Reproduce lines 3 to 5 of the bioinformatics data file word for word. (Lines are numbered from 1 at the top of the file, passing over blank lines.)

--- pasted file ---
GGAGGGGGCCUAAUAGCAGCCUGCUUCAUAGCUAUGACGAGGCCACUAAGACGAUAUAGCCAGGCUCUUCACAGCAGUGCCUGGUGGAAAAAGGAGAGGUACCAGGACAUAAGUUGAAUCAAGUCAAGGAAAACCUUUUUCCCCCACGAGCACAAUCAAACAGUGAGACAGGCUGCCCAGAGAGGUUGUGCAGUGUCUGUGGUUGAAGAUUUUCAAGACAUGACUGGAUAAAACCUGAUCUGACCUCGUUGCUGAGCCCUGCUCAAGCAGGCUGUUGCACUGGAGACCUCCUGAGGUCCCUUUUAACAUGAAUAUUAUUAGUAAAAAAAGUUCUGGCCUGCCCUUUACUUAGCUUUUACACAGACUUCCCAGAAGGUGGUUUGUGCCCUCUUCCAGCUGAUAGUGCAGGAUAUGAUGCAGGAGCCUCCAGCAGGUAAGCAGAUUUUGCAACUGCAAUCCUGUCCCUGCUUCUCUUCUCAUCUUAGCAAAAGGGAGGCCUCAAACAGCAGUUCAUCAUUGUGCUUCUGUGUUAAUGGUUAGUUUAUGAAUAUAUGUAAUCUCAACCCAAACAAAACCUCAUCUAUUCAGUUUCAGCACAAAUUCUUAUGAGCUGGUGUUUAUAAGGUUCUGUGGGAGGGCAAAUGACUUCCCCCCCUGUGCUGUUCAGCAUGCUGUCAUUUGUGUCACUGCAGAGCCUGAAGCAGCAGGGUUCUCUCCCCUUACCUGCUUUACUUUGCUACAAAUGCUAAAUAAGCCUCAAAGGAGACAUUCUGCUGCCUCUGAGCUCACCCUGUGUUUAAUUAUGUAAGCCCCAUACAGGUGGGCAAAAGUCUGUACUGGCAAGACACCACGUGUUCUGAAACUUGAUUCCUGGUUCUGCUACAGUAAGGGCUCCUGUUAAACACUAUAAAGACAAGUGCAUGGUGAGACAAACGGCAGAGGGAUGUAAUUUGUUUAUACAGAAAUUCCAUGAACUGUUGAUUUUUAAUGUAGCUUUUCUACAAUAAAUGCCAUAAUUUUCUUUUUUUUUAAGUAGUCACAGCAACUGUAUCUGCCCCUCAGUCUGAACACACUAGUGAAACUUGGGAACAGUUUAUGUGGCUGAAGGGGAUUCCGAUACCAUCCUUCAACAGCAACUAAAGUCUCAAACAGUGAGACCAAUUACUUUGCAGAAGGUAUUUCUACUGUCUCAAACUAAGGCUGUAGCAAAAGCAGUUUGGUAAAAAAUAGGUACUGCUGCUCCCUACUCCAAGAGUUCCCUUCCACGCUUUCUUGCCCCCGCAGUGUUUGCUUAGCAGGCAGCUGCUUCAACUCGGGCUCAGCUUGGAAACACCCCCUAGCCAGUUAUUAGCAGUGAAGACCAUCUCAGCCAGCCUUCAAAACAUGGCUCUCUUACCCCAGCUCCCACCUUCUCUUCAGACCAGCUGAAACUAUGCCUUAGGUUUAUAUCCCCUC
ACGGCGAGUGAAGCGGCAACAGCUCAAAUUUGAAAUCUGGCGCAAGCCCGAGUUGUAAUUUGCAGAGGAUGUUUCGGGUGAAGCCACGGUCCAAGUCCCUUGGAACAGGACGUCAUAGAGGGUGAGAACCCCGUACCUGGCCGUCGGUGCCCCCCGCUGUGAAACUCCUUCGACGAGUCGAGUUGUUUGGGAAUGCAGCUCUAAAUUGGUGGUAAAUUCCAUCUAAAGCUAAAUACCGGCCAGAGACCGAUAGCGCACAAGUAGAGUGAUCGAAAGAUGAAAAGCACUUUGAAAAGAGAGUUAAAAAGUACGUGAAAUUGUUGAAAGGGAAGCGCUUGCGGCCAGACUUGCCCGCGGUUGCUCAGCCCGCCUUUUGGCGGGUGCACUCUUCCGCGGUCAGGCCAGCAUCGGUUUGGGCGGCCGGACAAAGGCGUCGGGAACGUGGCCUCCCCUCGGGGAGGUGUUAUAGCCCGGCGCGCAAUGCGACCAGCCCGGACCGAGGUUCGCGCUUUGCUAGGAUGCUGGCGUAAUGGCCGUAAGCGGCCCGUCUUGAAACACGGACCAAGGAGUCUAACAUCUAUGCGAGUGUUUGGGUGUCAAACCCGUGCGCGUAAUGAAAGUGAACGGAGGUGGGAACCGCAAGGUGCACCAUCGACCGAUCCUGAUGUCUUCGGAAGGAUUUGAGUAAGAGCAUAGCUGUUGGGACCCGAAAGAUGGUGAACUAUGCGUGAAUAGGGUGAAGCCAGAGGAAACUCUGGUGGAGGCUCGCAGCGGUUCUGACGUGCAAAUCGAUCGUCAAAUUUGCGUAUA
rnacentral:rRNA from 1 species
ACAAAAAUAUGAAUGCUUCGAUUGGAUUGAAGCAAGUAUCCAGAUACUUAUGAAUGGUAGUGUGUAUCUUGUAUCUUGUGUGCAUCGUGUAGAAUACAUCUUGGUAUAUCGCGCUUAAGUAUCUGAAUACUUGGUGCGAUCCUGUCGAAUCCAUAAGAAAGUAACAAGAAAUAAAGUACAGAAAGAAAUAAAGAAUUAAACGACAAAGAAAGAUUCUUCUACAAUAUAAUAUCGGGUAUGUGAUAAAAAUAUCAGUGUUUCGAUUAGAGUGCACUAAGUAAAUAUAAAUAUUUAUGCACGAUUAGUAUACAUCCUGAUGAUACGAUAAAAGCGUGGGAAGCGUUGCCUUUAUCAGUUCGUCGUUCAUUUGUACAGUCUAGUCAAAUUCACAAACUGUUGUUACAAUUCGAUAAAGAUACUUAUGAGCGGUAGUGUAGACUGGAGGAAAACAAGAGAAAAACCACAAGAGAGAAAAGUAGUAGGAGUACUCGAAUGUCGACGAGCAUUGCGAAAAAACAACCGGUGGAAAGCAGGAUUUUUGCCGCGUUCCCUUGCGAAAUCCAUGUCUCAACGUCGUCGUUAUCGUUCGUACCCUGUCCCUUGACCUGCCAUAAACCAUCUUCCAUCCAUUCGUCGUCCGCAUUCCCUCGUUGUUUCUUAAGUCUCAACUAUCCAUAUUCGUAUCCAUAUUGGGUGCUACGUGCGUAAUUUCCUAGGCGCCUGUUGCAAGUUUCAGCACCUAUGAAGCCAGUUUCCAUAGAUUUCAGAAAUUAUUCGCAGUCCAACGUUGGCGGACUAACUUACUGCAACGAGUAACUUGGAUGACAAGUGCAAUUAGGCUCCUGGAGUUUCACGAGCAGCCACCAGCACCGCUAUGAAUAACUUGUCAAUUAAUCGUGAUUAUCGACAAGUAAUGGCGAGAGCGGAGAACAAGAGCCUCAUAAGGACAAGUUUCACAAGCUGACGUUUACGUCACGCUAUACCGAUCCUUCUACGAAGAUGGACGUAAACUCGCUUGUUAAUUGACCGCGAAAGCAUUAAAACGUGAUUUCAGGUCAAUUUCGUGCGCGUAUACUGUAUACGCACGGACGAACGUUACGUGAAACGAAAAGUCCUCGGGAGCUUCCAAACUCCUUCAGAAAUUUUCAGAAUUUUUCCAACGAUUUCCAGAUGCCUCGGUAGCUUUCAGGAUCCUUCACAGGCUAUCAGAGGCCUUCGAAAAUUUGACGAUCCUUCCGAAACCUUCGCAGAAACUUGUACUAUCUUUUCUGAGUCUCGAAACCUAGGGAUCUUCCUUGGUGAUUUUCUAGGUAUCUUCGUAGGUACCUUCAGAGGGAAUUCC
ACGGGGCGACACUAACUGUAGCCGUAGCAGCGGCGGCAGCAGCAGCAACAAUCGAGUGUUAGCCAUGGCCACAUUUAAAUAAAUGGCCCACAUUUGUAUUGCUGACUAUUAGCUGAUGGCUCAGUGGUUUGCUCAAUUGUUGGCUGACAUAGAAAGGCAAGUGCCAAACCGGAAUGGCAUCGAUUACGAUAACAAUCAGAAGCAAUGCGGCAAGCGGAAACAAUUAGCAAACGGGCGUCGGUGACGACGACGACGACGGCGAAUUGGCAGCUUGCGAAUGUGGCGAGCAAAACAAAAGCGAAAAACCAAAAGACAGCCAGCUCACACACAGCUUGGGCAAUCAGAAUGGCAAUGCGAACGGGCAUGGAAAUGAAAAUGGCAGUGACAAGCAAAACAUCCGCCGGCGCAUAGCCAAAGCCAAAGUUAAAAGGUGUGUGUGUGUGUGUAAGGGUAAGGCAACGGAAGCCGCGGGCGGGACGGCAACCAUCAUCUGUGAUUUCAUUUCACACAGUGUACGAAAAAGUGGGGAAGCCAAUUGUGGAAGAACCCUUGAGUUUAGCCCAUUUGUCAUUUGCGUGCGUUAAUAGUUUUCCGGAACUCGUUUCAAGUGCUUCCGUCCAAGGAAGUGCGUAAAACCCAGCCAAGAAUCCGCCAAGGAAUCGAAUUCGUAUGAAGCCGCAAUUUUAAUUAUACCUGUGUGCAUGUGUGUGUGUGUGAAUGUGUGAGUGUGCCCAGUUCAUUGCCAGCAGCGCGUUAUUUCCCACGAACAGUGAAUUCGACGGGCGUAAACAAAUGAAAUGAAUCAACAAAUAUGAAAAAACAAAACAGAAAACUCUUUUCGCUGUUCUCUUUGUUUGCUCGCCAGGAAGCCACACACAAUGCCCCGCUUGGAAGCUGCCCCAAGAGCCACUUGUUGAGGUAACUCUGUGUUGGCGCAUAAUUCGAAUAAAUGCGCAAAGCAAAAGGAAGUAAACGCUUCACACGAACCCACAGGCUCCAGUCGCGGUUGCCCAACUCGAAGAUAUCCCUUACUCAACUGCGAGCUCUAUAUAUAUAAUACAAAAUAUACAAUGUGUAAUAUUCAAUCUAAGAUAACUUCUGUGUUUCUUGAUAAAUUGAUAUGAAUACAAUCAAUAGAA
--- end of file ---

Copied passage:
rnacentral:rRNA from 1 species
ACAAAAAUAUGAAUGCUUCGAUUGGAUUGAAGCAAGUAUCCAGAUACUUAUGAAUGGUAGUGUGUAUCUUGUAUCUUGUGUGCAUCGUGUAGAAUACAUCUUGGUAUAUCGCGCUUAAGUAUCUGAAUACUUGGUGCGAUCCUGUCGAAUCCAUAAGAAAGUAACAAGAAAUAAAGUACAGAAAGAAAUAAAGAAUUAAACGACAAAGAAAGAUUCUUCUACAAUAUAAUAUCGGGUAUGUGAUAAAAAUAUCAGUGUUUCGAUUAGAGUGCACUAAGUAAAUAUAAAUAUUUAUGCACGAUUAGUAUACAUCCUGAUGAUACGAUAAAAGCGUGGGAAGCGUUGCCUUUAUCAGUUCGUCGUUCAUUUGUACAGUCUAGUCAAAUUCACAAACUGUUGUUACAAUUCGAUAAAGAUACUUAUGAGCGGUAGUGUAGACUGGAGGAAAACAAGAGAAAAACCACAAGAGAGAAAAGUAGUAGGAGUACUCGAAUGUCGACGAGCAUUGCGAAAAAACAACCGGUGGAAAGCAGGAUUUUUGCCGCGUUCCCUUGCGAAAUCCAUGUCUCAACGUCGUCGUUAUCGUUCGUACCCUGUCCCUUGACCUGCCAUAAACCAUCUUCCAUCCAUUCGUCGUCCGCAUUCCCUCGUUGUUUCUUAAGUCUCAACUAUCCAUAUUCGUAUCCAUAUUGGGUGCUACGUGCGUAAUUUCCUAGGCGCCUGUUGCAAGUUUCAGCACCUAUGAAGCCAGUUUCCAUAGAUUUCAGAAAUUAUUCGCAGUCCAACGUUGGCGGACUAACUUACUGCAACGAGUAACUUGGAUGACAAGUGCAAUUAGGCUCCUGGAGUUUCACGAGCAGCCACCAGCACCGCUAUGAAUAACUUGUCAAUUAAUCGUGAUUAUCGACAAGUAAUGGCGAGAGCGGAGAACAAGAGCCUCAUAAGGACAAGUUUCACAAGCUGACGUUUACGUCACGCUAUACCGAUCCUUCUACGAAGAUGGACGUAAACUCGCUUGUUAAUUGACCGCGAAAGCAUUAAAACGUGAUUUCAGGUCAAUUUCGUGCGCGUAUACUGUAUACGCACGGACGAACGUUACGUGAAACGAAAAGUCCUCGGGAGCUUCCAAACUCCUUCAGAAAUUUUCAGAAUUUUUCCAACGAUUUCCAGAUGCCUCGGUAGCUUUCAGGAUCCUUCACAGGCUAUCAGAGGCCUUCGAAAAUUUGACGAUCCUUCCGAAACCUUCGCAGAAACUUGUACUAUCUUUUCUGAGUCUCGAAACCUAGGGAUCUUCCUUGGUGAUUUUCUAGGUAUCUUCGUAGGUACCUUCAGAGGGAAUUCC
ACGGGGCGACACUAACUGUAGCCGUAGCAGCGGCGGCAGCAGCAGCAACAAUCGAGUGUUAGCCAUGGCCACAUUUAAAUAAAUGGCCCACAUUUGUAUUGCUGACUAUUAGCUGAUGGCUCAGUGGUUUGCUCAAUUGUUGGCUGACAUAGAAAGGCAAGUGCCAAACCGGAAUGGCAUCGAUUACGAUAACAAUCAGAAGCAAUGCGGCAAGCGGAAACAAUUAGCAAACGGGCGUCGGUGACGACGACGACGACGGCGAAUUGGCAGCUUGCGAAUGUGGCGAGCAAAACAAAAGCGAAAAACCAAAAGACAGCCAGCUCACACACAGCUUGGGCAAUCAGAAUGGCAAUGCGAACGGGCAUGGAAAUGAAAAUGGCAGUGACAAGCAAAACAUCCGCCGGCGCAUAGCCAAAGCCAAAGUUAAAAGGUGUGUGUGUGUGUGUAAGGGUAAGGCAACGGAAGCCGCGGGCGGGACGGCAACCAUCAUCUGUGAUUUCAUUUCACACAGUGUACGAAAAAGUGGGGAAGCCAAUUGUGGAAGAACCCUUGAGUUUAGCCCAUUUGUCAUUUGCGUGCGUUAAUAGUUUUCCGGAACUCGUUUCAAGUGCUUCCGUCCAAGGAAGUGCGUAAAACCCAGCCAAGAAUCCGCCAAGGAAUCGAAUUCGUAUGAAGCCGCAAUUUUAAUUAUACCUGUGUGCAUGUGUGUGUGUGUGAAUGUGUGAGUGUGCCCAGUUCAUUGCCAGCAGCGCGUUAUUUCCCACGAACAGUGAAUUCGACGGGCGUAAACAAAUGAAAUGAAUCAACAAAUAUGAAAAAACAAAACAGAAAACUCUUUUCGCUGUUCUCUUUGUUUGCUCGCCAGGAAGCCACACACAAUGCCCCGCUUGGAAGCUGCCCCAAGAGCCACUUGUUGAGGUAACUCUGUGUUGGCGCAUAAUUCGAAUAAAUGCGCAAAGCAAAAGGAAGUAAACGCUUCACACGAACCCACAGGCUCCAGUCGCGGUUGCCCAACUCGAAGAUAUCCCUUACUCAACUGCGAGCUCUAUAUAUAUAAUACAAAAUAUACAAUGUGUAAUAUUCAAUCUAAGAUAACUUCUGUGUUUCUUGAUAAAUUGAUAUGAAUACAAUCAAUAGAA